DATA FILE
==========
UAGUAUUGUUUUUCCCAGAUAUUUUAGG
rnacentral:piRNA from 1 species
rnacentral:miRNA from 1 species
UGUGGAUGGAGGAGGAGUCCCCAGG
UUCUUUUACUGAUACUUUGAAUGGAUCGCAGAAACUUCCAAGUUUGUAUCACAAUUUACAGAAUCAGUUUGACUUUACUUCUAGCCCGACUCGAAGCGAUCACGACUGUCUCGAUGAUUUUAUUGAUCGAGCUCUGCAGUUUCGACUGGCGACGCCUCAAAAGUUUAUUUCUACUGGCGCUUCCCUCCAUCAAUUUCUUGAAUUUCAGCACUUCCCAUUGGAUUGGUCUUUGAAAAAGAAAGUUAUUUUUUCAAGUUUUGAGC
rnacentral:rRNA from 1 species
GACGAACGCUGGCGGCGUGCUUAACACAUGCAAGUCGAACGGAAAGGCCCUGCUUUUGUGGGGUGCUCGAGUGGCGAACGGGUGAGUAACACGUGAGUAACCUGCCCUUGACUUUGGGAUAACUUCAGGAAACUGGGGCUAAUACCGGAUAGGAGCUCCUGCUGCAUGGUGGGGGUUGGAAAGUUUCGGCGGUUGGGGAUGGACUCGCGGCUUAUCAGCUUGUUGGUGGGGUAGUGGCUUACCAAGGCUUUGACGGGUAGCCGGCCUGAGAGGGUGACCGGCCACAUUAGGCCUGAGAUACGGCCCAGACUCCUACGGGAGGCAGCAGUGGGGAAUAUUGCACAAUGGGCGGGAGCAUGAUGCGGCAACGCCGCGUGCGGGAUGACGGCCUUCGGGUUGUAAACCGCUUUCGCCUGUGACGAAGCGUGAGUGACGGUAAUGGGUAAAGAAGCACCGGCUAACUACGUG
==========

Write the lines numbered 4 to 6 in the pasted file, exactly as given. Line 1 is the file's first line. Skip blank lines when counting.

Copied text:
UGUGGAUGGAGGAGGAGUCCCCAGG
UUCUUUUACUGAUACUUUGAAUGGAUCGCAGAAACUUCCAAGUUUGUAUCACAAUUUACAGAAUCAGUUUGACUUUACUUCUAGCCCGACUCGAAGCGAUCACGACUGUCUCGAUGAUUUUAUUGAUCGAGCUCUGCAGUUUCGACUGGCGACGCCUCAAAAGUUUAUUUCUACUGGCGCUUCCCUCCAUCAAUUUCUUGAAUUUCAGCACUUCCCAUUGGAUUGGUCUUUGAAAAAGAAAGUUAUUUUUUCAAGUUUUGAGC
rnacentral:rRNA from 1 species